For those of you who know me, you’ll know I have a soft spot for pixels. The smaller and more plentiful the pixels, the better. So of course, when Apple announced the new MacBook Pro with the insanely high DPI display, I hesitated for a bit, then bought one with the intention of running Linux on it natively.
Now let me prefix this with a statement: Linux on the rMBP can be a sod to get working. It is doable, but don’t expect everything to work right away.
This blog will be part of a series on getting the rMBP working well on Linux, and will only concentrate on getting it to boot via the EFI bootloader.
Getting Linux to boot
I’m using Fedora 17 because @mjg59 is a Red Hat employee, and actively working on getting Linux to play nicely with this machine. So go ahead and grab one of the CD images from http://alt.fedoraproject.org/pub/alt/live-respins/ and dump it to a USB stick, e.g. (assuming you’re doing this on a Linux box and your USB storage device is /dev/sdb):
dd if=F17-Live-DESK-x86_64-20120720.iso of=/dev/sdb bs=1M
Remember to run sync before unplugging the USB device, or you will get bizarre errors and the installer won’t run.
You’ll also need to resize your OS X partition if you want to dual boot; go ahead and resize it in Apple’s Disk Utility (in /Applications/Utilities).
Once that’s done, you can reboot the machine whilst holding down the Alt key and you’ll be presented with a list of devices you can boot from, one of which should be your USB device with the Fedora logo showing. Go ahead and boot off that.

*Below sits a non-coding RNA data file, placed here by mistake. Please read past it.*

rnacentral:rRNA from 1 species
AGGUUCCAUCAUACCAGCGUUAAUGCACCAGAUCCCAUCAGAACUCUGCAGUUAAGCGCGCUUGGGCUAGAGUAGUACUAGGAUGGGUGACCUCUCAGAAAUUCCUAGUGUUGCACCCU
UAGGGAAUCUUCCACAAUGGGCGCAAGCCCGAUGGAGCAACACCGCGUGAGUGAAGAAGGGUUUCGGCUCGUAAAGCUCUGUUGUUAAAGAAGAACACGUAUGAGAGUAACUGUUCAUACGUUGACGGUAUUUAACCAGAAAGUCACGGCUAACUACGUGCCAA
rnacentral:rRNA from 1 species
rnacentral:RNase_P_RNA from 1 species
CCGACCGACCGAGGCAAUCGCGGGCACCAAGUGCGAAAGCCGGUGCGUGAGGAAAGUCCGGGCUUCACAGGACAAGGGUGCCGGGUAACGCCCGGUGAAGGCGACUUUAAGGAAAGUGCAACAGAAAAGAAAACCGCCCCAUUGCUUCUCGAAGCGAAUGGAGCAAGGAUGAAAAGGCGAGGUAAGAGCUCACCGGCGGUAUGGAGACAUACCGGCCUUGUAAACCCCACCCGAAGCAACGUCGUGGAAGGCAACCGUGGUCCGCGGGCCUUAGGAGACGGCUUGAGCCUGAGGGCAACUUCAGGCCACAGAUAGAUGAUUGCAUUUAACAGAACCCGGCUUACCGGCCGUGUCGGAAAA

This will bring up the grub prompt; hit ‘e’ to edit the boot configuration and append the following parameters to your kernel arguments:
nointremap drm_kms_helper.poll=0 video=eDP-1:2880x1800@45e
That will boot you into a glorious Xorg session running at native panel resolution, and you can install Fedora as normal (sort of).
First off, you’ll need to ensure that there’s a 200MB HFS+ partition which you can install the EFI bootloader to. This should be set to mount at
Apart from that, you probably shouldn’t need to do anything special to the partition table, but here’s mine for reference:
Number Start End Size File system Name Flags 1 20.5kB 210MB 210MB fat32 EFI system partition boot 2 210MB 256GB 256GB hfs+ Customer 3 256GB 257GB 650MB hfs+ Recovery HD 4 257GB 257GB 210MB hfs+ 5 257GB 258GB 524MB linux-swap(v1) 6 258GB 500GB 243GB ext4
Once the installation is done, you may or may not get an error installing the bootloader. If you do, you will need to fire up a terminal and do the following:
sudo chroot /mnt/sysimage efibootmgr -c efibootmgr -v
The last line should show Linux’s bootloader is enabled.
You then need to ensure grub’s configuration is set correctly. Go ahead and find out your kernel and initramfs files; they should be somewhere like:
Assuming they’re in /boot on /dev/sda6, this will translate to grub paths as something like:
Go ahead and write something like the following to /boot/efi/EFI/redhat/grub.conf:
splashimage=(hd0,5)/boot/grub/splash.xpm.gz default=0 timeout=5 title Fedora (3.4.5-2.fc17.x86_64) root (hd0,5) kernel /boot/vmlinuz-3.4.5-2.fc17.x86_64 root=/dev/sda6 rd.md=0 rd.lvm=0 rd.dm=0 KEYTABLE=us SYSFONT=True rd.luks=0 ro LANG=en_US.UTF-8 rhgb quiet nointremap drm_kms_helper.poll=0 video=eDP-1:2880x1800@45e nomodeset initrd /boot/initramfs-3.4.5-2.fc17.x86_64.img
You will then need to symlink /etc/grub.conf to it, after which you can go ahead and reboot. You should be able to see an additional boot option now in the Alt boot menu. If not, you will need to boot into OS X and you will find a new volume labelled “untitled” most likely. You will need to bless the Linux bootloader in order to boot it, so as root in a terminal, run:
bless --folder /Volumes/untitled --file /Volumes/untitled/EFI/redhat/grub.efi
You should then be able to boot into Linux!